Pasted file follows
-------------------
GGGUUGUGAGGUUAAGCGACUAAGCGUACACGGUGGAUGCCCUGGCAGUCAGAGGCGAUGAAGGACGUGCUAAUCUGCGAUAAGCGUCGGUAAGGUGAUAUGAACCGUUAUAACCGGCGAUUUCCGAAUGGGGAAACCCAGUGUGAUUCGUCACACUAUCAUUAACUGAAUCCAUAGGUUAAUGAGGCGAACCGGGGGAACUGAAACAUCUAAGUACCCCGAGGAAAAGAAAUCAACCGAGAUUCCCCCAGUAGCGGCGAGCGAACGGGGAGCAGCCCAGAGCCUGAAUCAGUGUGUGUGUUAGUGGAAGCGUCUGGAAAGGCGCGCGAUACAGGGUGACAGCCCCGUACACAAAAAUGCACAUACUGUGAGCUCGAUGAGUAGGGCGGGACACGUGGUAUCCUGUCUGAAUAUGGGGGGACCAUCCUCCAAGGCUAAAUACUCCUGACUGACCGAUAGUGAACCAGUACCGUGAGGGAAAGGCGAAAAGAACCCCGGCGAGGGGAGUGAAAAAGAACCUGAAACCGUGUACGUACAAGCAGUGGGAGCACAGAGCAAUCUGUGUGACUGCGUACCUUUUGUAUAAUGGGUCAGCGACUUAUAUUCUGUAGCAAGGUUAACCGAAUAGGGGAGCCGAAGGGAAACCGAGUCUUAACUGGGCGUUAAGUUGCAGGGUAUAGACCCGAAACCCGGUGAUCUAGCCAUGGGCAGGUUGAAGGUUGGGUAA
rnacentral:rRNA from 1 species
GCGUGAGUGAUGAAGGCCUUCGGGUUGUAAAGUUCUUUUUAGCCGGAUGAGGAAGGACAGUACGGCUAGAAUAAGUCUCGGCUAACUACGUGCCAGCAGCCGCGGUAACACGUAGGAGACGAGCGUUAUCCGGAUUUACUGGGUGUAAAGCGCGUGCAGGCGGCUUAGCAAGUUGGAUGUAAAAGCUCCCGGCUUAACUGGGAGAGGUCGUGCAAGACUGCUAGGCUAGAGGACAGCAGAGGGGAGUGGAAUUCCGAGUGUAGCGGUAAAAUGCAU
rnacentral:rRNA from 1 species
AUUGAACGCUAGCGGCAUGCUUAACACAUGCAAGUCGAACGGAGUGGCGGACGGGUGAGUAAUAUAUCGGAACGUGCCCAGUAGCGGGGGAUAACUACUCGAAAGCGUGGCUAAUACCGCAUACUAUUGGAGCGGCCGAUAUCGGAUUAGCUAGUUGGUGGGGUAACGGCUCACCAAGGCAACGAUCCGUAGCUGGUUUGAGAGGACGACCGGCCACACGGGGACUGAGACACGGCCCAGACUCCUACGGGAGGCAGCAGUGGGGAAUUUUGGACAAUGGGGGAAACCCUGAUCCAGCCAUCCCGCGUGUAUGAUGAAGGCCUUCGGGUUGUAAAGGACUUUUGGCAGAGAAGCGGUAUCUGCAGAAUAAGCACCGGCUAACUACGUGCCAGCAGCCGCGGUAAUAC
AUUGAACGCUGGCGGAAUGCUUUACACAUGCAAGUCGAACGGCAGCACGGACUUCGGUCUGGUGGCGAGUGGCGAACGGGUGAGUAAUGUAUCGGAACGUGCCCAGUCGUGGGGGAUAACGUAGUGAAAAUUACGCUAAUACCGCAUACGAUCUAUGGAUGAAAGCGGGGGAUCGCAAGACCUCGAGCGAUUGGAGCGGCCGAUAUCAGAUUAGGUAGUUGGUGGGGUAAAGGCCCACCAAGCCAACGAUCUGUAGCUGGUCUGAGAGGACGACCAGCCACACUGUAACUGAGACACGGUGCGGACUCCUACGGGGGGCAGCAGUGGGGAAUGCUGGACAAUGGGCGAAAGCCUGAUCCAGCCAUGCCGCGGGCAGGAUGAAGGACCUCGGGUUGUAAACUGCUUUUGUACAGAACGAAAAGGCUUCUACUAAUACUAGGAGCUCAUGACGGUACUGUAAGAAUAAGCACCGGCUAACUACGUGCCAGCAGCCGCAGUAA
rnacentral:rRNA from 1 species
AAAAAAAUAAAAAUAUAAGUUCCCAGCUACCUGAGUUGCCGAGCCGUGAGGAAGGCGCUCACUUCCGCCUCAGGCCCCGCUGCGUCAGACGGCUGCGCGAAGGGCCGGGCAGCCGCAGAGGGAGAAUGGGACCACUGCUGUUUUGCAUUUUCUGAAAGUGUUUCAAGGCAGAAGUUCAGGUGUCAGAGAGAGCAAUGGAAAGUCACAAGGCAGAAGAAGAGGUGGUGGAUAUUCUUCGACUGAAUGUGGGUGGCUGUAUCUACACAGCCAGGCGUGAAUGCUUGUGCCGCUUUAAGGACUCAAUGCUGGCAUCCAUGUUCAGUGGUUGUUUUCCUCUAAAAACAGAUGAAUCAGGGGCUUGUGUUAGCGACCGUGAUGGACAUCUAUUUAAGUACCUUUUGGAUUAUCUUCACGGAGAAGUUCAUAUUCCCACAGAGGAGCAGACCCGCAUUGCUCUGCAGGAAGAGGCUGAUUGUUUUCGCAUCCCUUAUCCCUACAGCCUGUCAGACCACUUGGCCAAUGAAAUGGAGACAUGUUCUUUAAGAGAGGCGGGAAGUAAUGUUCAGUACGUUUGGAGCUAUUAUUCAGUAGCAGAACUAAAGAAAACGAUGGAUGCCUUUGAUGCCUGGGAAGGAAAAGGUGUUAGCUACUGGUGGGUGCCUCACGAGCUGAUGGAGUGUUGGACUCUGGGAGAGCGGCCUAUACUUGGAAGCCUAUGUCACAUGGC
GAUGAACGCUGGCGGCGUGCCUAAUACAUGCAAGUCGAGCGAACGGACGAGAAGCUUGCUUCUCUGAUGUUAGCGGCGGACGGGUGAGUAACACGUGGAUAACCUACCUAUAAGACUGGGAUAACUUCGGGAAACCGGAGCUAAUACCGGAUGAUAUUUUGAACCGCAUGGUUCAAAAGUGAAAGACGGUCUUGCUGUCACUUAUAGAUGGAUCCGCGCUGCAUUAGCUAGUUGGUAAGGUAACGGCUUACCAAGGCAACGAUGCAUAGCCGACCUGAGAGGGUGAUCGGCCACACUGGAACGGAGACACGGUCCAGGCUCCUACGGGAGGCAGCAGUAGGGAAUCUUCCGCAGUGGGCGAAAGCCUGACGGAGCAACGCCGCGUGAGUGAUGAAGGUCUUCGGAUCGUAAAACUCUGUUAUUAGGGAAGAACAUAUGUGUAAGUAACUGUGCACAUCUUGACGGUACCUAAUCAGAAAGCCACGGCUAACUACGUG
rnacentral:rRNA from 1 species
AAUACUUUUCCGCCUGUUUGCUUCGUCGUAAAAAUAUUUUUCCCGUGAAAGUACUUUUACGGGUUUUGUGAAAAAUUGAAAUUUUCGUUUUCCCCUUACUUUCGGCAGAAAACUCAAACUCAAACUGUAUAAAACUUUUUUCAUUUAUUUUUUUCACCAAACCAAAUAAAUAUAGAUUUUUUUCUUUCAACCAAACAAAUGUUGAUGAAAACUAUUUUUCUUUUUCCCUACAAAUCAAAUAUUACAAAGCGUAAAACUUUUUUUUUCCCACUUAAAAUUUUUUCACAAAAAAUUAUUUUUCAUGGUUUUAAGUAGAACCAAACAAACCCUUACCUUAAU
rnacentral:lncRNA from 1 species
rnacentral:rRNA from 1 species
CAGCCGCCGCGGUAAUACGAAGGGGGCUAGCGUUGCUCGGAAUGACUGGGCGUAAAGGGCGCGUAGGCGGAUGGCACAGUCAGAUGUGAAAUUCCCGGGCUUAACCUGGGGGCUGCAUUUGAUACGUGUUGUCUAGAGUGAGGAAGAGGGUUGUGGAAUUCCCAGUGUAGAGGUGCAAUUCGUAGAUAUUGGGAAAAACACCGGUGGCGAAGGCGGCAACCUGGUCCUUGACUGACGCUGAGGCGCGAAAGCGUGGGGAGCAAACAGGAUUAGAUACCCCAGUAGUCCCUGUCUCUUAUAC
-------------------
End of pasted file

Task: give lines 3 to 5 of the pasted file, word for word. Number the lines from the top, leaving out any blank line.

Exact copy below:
GCGUGAGUGAUGAAGGCCUUCGGGUUGUAAAGUUCUUUUUAGCCGGAUGAGGAAGGACAGUACGGCUAGAAUAAGUCUCGGCUAACUACGUGCCAGCAGCCGCGGUAACACGUAGGAGACGAGCGUUAUCCGGAUUUACUGGGUGUAAAGCGCGUGCAGGCGGCUUAGCAAGUUGGAUGUAAAAGCUCCCGGCUUAACUGGGAGAGGUCGUGCAAGACUGCUAGGCUAGAGGACAGCAGAGGGGAGUGGAAUUCCGAGUGUAGCGGUAAAAUGCAU
rnacentral:rRNA from 1 species
AUUGAACGCUAGCGGCAUGCUUAACACAUGCAAGUCGAACGGAGUGGCGGACGGGUGAGUAAUAUAUCGGAACGUGCCCAGUAGCGGGGGAUAACUACUCGAAAGCGUGGCUAAUACCGCAUACUAUUGGAGCGGCCGAUAUCGGAUUAGCUAGUUGGUGGGGUAACGGCUCACCAAGGCAACGAUCCGUAGCUGGUUUGAGAGGACGACCGGCCACACGGGGACUGAGACACGGCCCAGACUCCUACGGGAGGCAGCAGUGGGGAAUUUUGGACAAUGGGGGAAACCCUGAUCCAGCCAUCCCGCGUGUAUGAUGAAGGCCUUCGGGUUGUAAAGGACUUUUGGCAGAGAAGCGGUAUCUGCAGAAUAAGCACCGGCUAACUACGUGCCAGCAGCCGCGGUAAUAC